• Revolver (1973): After capturing Vito's prison guard ally while he is on the phone to Vito, the kidnappers run him down with a car in an attempt to Make It Look Like an Accident.
  • Toward the end of RoboCop, a goon attempts to use Car Fu on RoboCop (extra strength version, the goon is driving a panel van), but RoboCop distracts him by firing into the windshield (forcing the goon to duck, pulling the steering wheel with him and thus heeling to the left) and dodges. Goon wasn't watching what was behind Robo — it's a tank of toxic waste, which he plows into. Goon stumbles out, melted and screaming, right into the way of a car chase featuring a second cop chasing Boddicker: Boddicker's use is completely unintentional, reducing the goon to a red smear.
  • In Rumble in the Bronx, the hero uses the bad guy's very large hovercraft against him.
  • Savaged: Trey and his gang use their pickup to run down a couple of Indians: a crime which Zoe witnesses. Later, they run over Zoe after she thrown from the back of the truck.
  • Scarecrow Slayer: When escaping from the hospital, Mary drives straight through the Scarecrow; causing it to scatter into bits.
  • In Serial Mom, Beverly runs Mr. Stubbins over with her car after he criticizes Chip's interests and questions the boy's mental health and family life, as well as berating her parenting.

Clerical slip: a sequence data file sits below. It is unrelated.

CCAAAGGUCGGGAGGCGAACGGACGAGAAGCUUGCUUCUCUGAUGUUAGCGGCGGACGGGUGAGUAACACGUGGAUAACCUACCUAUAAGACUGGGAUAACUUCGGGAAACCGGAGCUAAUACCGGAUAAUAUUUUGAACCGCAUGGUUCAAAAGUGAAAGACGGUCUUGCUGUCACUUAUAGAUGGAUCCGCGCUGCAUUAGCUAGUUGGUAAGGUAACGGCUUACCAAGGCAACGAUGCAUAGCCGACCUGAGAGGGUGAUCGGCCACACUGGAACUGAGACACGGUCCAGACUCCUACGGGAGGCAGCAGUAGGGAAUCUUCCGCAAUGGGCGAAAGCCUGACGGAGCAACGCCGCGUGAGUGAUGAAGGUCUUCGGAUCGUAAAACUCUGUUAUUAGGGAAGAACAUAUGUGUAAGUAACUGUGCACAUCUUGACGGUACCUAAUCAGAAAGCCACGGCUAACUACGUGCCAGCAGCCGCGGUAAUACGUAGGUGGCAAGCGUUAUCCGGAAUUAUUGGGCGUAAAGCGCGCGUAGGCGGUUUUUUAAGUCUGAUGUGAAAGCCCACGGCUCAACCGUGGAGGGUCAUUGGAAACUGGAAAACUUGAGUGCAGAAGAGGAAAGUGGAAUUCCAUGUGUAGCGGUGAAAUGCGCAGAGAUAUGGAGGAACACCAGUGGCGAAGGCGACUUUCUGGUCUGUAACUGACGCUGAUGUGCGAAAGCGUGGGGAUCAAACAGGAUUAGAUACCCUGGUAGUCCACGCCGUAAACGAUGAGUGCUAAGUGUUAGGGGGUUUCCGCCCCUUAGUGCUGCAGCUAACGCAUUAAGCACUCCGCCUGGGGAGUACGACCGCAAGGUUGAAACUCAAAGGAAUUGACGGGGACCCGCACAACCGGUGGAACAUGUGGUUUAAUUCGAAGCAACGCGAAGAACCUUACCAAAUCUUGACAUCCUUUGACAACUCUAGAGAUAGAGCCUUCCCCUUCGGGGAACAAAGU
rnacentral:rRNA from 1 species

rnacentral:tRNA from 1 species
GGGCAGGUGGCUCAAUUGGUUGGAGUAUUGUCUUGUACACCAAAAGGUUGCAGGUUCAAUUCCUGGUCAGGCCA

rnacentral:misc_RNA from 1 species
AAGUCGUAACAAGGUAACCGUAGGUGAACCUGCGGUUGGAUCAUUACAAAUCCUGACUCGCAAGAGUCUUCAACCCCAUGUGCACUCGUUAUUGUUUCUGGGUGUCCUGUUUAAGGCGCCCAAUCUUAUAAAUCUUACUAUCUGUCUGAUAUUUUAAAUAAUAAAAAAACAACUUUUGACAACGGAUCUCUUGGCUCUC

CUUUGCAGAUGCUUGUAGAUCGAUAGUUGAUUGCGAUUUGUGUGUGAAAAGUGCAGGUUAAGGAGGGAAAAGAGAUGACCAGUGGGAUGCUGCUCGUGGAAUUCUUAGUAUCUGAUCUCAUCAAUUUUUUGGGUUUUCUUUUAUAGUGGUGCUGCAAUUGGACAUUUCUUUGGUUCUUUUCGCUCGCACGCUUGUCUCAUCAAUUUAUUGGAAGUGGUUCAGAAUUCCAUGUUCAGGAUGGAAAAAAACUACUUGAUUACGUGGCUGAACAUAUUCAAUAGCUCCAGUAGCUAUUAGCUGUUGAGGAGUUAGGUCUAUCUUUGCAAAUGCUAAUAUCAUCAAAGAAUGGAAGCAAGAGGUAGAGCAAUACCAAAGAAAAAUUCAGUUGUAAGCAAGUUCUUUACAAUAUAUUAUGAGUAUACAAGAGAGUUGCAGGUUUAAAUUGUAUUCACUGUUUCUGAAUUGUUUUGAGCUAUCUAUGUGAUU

• In Seven (1979), Drew takes out Skater by reversing his car into at high speed.
  • Shaun of the Dead has the characters run over someone with their car. Unsure if it was actually a zombie, they quickly back up to check on him. Once they're assured it was a zombie, they drive off.
  • Sheitan: After stopping suddenly and throwing Joseph off the roof of his car, Ladj then accelerates and runs him other.
  • Shoot 'Em Up: Smith indulges in some of this.
  • In Shortcut to Happiness, the Devil causes Julius to be run down by a taxi cab. Webster's narration refers to it as "the Devil's chariot".
  • Notable instances in Smokey and the Bandit:
    • While Sheriff Justice is interrogating an accident precipitated by the Bandit, an 18-wheeler takes out his car door.
      18-wheeler driver: Banzai!!
    • With the police closing in from road and air, Bandit is ready to give up. Snowman uses his rig to bash through the fairgrounds gates and take out a few police cars in the process so Bandit can win his bet.
      Snowman: [to Fred, his dog] Hold on to your ass, Fred!
  • In Snapshot (1979), Madeline runs Daryl down with an ice cream truck.